Mosquito Fish

Mosquito fish (Gambusia affinis) were first introduced to California in 1922 for mosquito control. Instead of using insecticides to control mosquitoes, fish are an attractive and effective alternative. This method is referred to as biological control.

Sources Where Mosquito Fish Are Placed

To avoid competition with sensitive native amphibians and fish species, we do not stock mosquito fish in habitats where such species are known to be present.

It is against California Department of Fish and Game regulations for private citizens to plant mosquito fish in waters of the state without a permit.

Residents are encouraged to stock mosquito fish in the following sources:
  • Ornamental ponds: 6-10 fish per pond (depending on size)
  • Out-of-order swimming pools: 15-30 fish per swimming pool
  • Animal watering troughs
Mosquito fish description
Male:
  • Slimmer than female
  • Characteristic gonopodium
  • Length: 1.5 inches

Image description

Female:
  • Larger body than male
  • Length: 2.5 inches
  • Give birth to live young
  • Distinct gravid spot on the abdomen above the rear of the anal fin

Image description

Color:
  • Both sexes have a pale gray body, fading to muddy white on the belly
  • The dorsal and rounded caudal fin may exhibit dotted banding
Feeding Behavior

Mosquito fish are omnivorous and have a voracious appetite for mosquitoes. A large female can consume hundreds of larvae per day. All sizes and ages of mosquito fish feed on mosquito larvae. They also eat algae and small invertebrates.

Habitat

During the winter, the fish hibernate in the lower water depths, and reappear in late spring when water temperature becomes warmer. The fish prefer sunlit areas of the pond and do not thrive in a heavily shaded pond.

Advantages of Using Mosquito fish Over Other Fish In Water Sources
  • Gambusia are specific to consuming mosquito larvae. This is due to their upturned mouths naturally adapted for this purpose.

  • Small, which enables them to inhabit shallow waters and penetrate dense vegetation growth where larvae and pupae hide.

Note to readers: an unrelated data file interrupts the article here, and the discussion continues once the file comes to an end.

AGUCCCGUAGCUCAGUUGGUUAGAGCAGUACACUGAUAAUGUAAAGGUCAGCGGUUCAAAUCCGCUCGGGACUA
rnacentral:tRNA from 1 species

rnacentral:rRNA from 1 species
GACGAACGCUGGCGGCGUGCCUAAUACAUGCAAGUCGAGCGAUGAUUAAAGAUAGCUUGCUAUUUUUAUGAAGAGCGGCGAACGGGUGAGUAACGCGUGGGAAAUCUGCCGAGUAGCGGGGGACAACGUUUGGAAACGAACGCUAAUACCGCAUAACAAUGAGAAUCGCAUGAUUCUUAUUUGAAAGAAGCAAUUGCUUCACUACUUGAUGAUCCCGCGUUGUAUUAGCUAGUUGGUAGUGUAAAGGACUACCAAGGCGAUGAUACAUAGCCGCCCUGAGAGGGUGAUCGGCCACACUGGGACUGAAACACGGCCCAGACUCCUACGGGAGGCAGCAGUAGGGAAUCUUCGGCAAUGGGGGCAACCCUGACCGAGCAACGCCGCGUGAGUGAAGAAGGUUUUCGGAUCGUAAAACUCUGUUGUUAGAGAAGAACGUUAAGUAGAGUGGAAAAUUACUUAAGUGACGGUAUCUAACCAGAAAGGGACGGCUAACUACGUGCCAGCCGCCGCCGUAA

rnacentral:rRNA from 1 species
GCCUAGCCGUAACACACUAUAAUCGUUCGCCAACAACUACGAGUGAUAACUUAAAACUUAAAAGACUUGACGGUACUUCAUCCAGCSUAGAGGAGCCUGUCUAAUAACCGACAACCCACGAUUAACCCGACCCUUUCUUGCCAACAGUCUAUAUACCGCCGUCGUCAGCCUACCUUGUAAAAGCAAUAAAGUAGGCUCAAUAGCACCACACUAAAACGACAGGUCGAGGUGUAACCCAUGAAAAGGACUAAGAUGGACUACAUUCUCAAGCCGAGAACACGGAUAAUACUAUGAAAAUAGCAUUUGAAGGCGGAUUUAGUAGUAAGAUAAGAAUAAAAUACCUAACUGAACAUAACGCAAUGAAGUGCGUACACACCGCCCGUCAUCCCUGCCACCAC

• Broad tolerance to a wide range of environmental conditions, such as temperature changes, salinity, organic pollution, and poor food supply.

  • Relative lack of disease.

  • Easily maintained.
Compatible Organisms
  • Gold Fish
  • Koi
  • Karp Non-Compatible Organisms
  • Bass
  • Perch
  • Bluegill
  • Catfish
  • Frogs
  • Turtles
  • Crayfish
Maintaining Your Fish
Acclimation

When you get your fish home, acclimate them to their new site. Place the container with the fish directly into the water for 20-60 minutes or until the ponds water and the containers water are nearly the same temperature. Then release the fish. Mosquito fish can tolerate 33-104° F. water temperatures, but prefer 77-86° F.

New Ponds
  • Copper pipe or fittings in contact with the water can kill the fish. The pipes can be coated with a special paint available at hardware stores. Plastic piping is preferable.

  • New concrete ponds will leach lime into water and make the water alkaline. A new pond should be appropriately season (filled, allowed to stand several days, drained, and refilled). The pH of the water is best in the range of 6.5 to 8.0. An inexpensive pH kit can be purchased at a pet or swimming pool supply store.

  • Wine or whiskey barrels will leach harmful chemicals into the water at first. They should be soaked and flushed out several times or lined before adding fish or plants.
Food

Mosquito fish seldom need supplementary food, but during the winter larvae may be scarce. In this case, tropical fish flakes are suitable, as well as dry dog or cat food. Overfed fish may not eat mosquito larvae and excess food may cause bacterial bloom, toxic to the fish.

Protection From Predators

Provide large rocks and vegetation for shelter from predators such as raccoons, opossums, and egrets.

Algae

Small amounts are a good food source for the fish and shelter for fry, but if it gets too thick the fish might be unable to get to the mosquito larvae. Some algaecides are toxic to fish, so they should be used only if recommended by a knowledgeable aquaculturist. Materials and instructions may be obtained from local tropical fish shops and garden supply centers.

Leaves

Certain leaves, like pine, oak, and eucalyptus contain chemicals that are harmful to fish. Accumulation of these leaves makes the fish too sick to eat mosquito larvae. Make sure to remove these leaves from your water source.